New-Age Bullshit Generator Just click and the truth will manifest Click the Reionize electrons button at the top of the page to generate a full page of New Age poppycock. The inspiration for this idea came from watching philosophy debates involving Deepak Chopra. I wrote a blog post about it if you're interested. After sitting through hours of New Age rhetoric, I decided to have a crack at writing code to generate it automatically and speed things up a bit. You’ll get some profound-sounding nonsense here, too. So, what is this for? (If you haven’t seen it, check out wisdomofchopra.com — unfortunately they beat me to it! New English Review Word Freak: Heartbreak, Triumph, Genius, and Obsession in the World of Competitive ScrabblePlayers There is a great moment in WORD FREAK when the author, Stefan Fatsis, considers his obsession with Scrabble and wonders if it's healthy. In normal literature, such a moment might be devoted to doomed romance or drug addiction. There's something wonderfully nerdy about the fact that in WORD FREAK it involves a board game. Fatsis originally planned to write WORD FREAK as a journalistic account of an odd but harmless subculture. In retrospect, Fatsis' decision was not only incredible, but also inevitable. If this sounds like a typical underdog story, it shouldn't. Fatsis' knowledge of the Scrabble world is hard earned. Fatsis works hard to be seen as a typical Scrabble player, but he never quite blends in with his peers. Fatsis is aware of the extra help he receives from the Scrabble world, and he repays it with an ever more fanatical interest in the game. Early in the book Fatsis decides that WORD FREAK is going to be a personal account rather than a scrupulously fair piece of reporting.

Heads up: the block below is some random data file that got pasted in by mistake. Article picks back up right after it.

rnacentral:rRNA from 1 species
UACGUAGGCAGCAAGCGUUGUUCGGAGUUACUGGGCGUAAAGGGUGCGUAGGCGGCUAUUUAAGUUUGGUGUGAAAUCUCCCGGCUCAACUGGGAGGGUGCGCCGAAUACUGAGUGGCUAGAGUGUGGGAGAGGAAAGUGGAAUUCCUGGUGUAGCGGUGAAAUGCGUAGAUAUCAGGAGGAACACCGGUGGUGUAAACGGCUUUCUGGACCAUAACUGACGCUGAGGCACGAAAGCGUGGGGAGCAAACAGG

Report: Majority Of Time In Pool Spent Urging Others To Enter Pool NEW BRUNSWICK, NJ—Far outstripping the amount of time dedicated to swimming or games, a report released Wednesday by researchers at Rutgers University found that the average person in a pool spends the vast majority of their time urging others to enter as well. “Across demographic groups, we found that an individual will typically spend 80 percent of their time in a pool engaged in various efforts to coax others into joining them in the water,” read the report, noting that roughly half that time is dedicated to making the case that entering the pool will be “fun” or “refreshing” and about a third is allocated toward playful commands or taunts such as “Come on,” “Stop being a baby,” or simply “Just get in already.” “The smallest amount of time is reserved for more aggressive tactics such as splashing people from the pool’s edge or just reaching up and pulling them in if they get close enough.”
Dissent Magazine AMERICAN MUSEUM OF BEAT ART Humorist Bruce Jay Friedman Is One Lonely Guy—as Anyone Can Plainly See Loneliness is expensive. It takes a lot of money to keep it going. You need throw pillows. You've got to have cookies, liverwurst sandwiches. You have to have a TV set to lull you to sleep. What about your ear-drops bill... So consoles Bruce Jay Friedman in The Lonely Guy's Book of Life, a sort of hot tub of chicken soup for men caught in the cross fire between the women's movement and a sexual revolution that everyone else is enjoying. William Paley, or some Lonely Guy sympathizer at CBS, has paid in the six figures for TV rights. The other question is whether author Friedman, Lonely Guy-wise, is a poseur. The other testimonial to Bruce's popularity is that so many writers like a colleague so comparatively unblocked. It all began in the Bronx, where he was the son of a garment factory manager, trying out his comedy style on dates. The Friedmans separated in 1970 and then finally gave up two years ago in what Ginger calls "the friendliest divorce in history."